Objective: Variations in the gene for dopamine D2 receptor (DRD2) might have an influence on the outcome of antipsychotic treatment in schizophrenia. The objective of this study was to investigate the influence of DRD2 polymorphisms on treatment outcomes in patients with schizophrenia.
Methods: The sample composed of 156 Malaysian outpatients with stable schizophrenia on maintenance antipsychotic treatment at a psychiatric clinic. Psychopathology was evaluated using the Positive and Negative Symptoms Scale. DNA was extracted from blood and subjected to DRD2 PCR-genotyping.
Results: Patients with Cys311 allele had more pronounced or severe symptoms of schizophrenia than those without this allele. The former group had a significantly worse treatment response and presented with more prominent negative symptoms. Although there was no significant association between Positive and Negative Symptoms Scale scores and the Pro310Ser, -141C Ins/Del, A-241G or TaqI A polymorphisms, patients with the wild-type -141C Ins allele tended to have less pronounced or milder symptoms of schizophrenia compared with patients with the variant -141C Del allele.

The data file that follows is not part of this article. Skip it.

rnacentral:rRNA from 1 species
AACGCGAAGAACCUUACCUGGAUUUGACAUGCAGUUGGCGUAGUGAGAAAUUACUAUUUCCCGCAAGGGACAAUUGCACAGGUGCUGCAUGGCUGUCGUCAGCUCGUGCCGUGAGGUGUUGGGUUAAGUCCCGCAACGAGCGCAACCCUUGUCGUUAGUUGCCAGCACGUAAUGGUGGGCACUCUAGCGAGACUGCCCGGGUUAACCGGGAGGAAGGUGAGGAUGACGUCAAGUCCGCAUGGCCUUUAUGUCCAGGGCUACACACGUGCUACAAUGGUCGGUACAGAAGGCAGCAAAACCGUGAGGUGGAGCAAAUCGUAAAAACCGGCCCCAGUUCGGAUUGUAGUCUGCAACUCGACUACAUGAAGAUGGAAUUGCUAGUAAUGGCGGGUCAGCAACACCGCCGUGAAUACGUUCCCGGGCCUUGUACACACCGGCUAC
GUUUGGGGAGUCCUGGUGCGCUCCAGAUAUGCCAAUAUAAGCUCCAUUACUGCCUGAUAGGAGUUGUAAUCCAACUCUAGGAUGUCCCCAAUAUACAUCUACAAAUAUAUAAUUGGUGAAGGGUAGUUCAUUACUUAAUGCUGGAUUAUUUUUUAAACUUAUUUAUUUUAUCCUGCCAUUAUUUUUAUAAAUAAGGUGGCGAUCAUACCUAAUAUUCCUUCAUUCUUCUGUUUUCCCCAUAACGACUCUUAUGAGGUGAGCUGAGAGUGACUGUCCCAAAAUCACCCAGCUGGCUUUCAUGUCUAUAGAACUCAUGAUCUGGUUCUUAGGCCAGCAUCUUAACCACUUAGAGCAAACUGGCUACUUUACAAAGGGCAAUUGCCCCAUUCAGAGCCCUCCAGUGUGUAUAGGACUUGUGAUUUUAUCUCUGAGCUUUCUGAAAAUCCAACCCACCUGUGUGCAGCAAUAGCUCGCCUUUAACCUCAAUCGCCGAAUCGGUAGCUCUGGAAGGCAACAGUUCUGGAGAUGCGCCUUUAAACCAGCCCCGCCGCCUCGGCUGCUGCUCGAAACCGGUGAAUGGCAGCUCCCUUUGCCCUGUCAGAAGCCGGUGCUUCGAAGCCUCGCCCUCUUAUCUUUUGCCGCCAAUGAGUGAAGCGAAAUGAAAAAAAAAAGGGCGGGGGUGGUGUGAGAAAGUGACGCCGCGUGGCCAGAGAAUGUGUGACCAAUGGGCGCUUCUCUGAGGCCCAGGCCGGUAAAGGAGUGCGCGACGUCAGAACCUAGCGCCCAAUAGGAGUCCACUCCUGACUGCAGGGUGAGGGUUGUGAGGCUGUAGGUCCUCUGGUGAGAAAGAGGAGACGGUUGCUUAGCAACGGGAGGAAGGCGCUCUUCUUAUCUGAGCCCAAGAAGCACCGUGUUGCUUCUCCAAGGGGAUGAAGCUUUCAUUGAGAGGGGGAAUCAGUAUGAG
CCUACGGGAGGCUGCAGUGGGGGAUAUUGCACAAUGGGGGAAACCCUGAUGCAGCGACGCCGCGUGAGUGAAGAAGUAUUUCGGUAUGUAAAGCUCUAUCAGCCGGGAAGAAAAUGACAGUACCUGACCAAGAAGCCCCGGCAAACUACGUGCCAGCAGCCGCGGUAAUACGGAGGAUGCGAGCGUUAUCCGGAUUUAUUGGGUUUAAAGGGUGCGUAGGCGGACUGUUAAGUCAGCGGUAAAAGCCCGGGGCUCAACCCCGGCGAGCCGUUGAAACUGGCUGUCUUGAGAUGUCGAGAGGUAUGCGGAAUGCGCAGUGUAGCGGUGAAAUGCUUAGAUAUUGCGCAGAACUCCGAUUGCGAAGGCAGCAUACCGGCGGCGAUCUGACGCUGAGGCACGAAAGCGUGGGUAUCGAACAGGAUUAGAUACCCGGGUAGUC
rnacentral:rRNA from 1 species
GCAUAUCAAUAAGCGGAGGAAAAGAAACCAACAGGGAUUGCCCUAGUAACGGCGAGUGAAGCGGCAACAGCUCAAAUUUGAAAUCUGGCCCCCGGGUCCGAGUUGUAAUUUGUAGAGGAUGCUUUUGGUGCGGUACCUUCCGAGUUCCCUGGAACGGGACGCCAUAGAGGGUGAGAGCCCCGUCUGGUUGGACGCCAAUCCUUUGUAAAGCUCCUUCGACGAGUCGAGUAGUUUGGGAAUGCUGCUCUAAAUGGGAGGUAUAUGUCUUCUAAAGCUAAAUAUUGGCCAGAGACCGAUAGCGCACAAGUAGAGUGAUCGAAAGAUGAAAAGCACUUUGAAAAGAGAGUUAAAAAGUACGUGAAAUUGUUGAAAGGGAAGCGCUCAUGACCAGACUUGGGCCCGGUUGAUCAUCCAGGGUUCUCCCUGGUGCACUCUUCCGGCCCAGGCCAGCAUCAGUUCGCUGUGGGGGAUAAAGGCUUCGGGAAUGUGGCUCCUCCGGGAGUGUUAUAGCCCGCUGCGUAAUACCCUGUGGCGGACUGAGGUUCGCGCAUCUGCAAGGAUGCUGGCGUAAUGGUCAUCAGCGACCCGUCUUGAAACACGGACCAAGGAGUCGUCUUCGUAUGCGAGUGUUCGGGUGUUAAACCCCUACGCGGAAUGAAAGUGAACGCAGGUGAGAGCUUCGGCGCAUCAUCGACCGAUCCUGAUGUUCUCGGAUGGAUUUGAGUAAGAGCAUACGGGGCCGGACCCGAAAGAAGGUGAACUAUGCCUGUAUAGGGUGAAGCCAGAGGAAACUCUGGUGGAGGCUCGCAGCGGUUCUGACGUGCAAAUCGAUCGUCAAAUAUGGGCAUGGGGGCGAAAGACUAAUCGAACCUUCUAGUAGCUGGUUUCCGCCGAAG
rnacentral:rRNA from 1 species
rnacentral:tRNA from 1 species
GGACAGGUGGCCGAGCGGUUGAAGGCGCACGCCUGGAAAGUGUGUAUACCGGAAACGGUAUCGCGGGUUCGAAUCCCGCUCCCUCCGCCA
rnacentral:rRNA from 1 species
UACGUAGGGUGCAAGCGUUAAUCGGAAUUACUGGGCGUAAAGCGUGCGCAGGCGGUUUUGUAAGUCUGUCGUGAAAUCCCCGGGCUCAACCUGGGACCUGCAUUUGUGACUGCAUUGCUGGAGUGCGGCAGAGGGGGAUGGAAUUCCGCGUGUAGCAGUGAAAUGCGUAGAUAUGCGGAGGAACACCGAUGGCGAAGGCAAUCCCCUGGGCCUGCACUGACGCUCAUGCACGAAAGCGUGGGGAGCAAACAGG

Conclusion: The results suggest that DRD2 polymorphisms may have implications for the symptoms of schizophrenia and a predictor for treatment outcomes in a subgroup of patients with schizophrenia in Malaysia. However, further investigation with a larger sample is required to confirm these findings.